15/30: Beginners’ Truths

I was out coaching a guy a few weeks ago (don’t get excited, I’m starting small, very small), and we were talking about one of my recent dates. I told him that I didn’t go for the bounce home because I didn’t think that it was on. He replied by asking me which circumstances would lead to that, but it appeared to be framed as “why would you ever do that?!”

I’ve been thinking about that conversation because it relates to a beginners’ truth: always go for the bounce back.

Beginners’ advice is designed to filter heavily for Yes girls so that you can collect reference experiences. Of course, as time and your skill (hopefully) progresses the advice actually becomes a hindrance because you don’t develop your calibration. Other beginners’ truths include: always go for the number, always try to sidestep the boyfriend objection, and always do ten sets in two hours. The common denominator is “always”.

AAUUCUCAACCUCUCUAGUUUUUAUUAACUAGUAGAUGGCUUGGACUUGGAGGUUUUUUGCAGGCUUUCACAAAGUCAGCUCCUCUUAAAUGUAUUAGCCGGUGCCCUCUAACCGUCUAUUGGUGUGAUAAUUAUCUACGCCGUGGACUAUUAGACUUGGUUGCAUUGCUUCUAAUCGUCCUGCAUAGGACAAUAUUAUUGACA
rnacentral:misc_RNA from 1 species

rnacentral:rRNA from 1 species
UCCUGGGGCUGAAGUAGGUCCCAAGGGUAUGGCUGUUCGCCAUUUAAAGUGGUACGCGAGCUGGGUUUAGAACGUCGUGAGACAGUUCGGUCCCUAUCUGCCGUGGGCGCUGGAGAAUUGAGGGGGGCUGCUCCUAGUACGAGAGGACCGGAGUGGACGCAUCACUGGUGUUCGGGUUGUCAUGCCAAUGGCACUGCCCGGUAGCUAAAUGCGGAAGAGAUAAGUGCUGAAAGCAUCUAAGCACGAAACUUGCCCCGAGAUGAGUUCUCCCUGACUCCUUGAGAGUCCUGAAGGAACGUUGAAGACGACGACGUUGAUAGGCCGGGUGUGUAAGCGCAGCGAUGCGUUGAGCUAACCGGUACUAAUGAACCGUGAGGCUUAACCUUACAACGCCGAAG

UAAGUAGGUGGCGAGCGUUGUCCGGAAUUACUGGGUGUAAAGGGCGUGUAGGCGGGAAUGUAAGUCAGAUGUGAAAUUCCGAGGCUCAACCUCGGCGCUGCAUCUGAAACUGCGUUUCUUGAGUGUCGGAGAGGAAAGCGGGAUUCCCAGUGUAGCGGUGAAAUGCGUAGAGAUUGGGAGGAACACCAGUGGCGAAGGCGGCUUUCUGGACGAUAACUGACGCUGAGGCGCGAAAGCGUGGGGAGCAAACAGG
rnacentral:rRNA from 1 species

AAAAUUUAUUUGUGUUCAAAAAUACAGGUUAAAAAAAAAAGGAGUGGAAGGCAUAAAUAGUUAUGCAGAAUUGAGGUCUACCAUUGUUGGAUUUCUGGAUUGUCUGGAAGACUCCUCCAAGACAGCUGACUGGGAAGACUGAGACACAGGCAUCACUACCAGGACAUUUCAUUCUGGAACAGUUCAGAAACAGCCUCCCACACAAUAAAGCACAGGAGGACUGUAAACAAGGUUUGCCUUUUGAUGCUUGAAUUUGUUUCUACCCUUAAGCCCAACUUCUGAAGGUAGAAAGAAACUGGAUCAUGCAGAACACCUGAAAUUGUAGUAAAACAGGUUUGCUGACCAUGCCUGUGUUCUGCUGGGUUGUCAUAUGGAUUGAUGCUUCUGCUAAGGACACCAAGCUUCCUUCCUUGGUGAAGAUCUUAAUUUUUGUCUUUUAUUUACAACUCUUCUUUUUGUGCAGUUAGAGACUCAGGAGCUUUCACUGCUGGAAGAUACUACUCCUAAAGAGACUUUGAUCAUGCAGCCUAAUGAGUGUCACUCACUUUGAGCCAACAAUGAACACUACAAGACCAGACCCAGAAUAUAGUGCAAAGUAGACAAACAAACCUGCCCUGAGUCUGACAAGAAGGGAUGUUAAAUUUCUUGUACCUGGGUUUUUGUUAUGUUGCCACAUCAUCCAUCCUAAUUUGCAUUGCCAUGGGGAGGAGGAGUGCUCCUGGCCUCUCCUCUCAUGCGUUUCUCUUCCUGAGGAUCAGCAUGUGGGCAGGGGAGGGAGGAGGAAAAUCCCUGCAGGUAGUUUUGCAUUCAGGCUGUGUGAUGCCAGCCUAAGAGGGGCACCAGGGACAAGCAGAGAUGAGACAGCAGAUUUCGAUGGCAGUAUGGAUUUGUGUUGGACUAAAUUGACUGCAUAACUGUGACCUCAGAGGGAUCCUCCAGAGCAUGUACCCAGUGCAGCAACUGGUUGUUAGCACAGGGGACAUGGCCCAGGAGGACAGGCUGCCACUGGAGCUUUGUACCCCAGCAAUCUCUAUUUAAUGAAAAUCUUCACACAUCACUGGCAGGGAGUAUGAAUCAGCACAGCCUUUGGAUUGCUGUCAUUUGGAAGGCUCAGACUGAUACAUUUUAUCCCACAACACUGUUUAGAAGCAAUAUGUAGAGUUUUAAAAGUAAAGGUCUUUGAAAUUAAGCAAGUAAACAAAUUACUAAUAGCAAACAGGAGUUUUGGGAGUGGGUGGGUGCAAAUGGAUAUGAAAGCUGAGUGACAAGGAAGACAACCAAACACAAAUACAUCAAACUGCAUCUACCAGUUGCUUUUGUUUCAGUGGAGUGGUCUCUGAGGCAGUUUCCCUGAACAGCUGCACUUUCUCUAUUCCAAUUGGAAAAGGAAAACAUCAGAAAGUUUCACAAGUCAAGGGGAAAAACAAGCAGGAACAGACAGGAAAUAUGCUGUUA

Something similar is going on when I say that I am trying to minimise the number of Yad stops that I do. When I’ve discussed this with V, he jokingly calls it “heretical thought”. And the joke is submerged in truth, because it’s easy to follow that up with “but [name PUA] says always do XYZ”. The thing, I agree with what the name PUA is saying, for beginners. Hence: “beginner’s truth”.

It genuinely is the best course of action for a beginner to follow those guidelines to the letter. To them, they have to believe that the beginners’ advice is the truth. They need to be able to outsource the management of all their doubts to an enormous edifice: Game literature. However, as you progress those pieces of advice become less effective; you start to spot opportunities where diverging from the advice is more fruitful. Over time, the beginners’ truth becomes “less true”.

How can something become “less true”? In the world of objectivity, that can’t be the case. Things either are, or they aren’t. To tie up the loose ends we need to think not about pursuing the Truth (capital T), but pursuing what’s Good or Virtuous (virtue coming from the Greek word arete meaning excellence). The question changes from “what are the immutable laws of Game” to “which method of Game allows me to reach the highest level of excellence”. It changes from a rigid statement for the lowest common denominator, to an individualised statement which maximises your personal happiness.

Yours unfaithfully,

Thomas Crown

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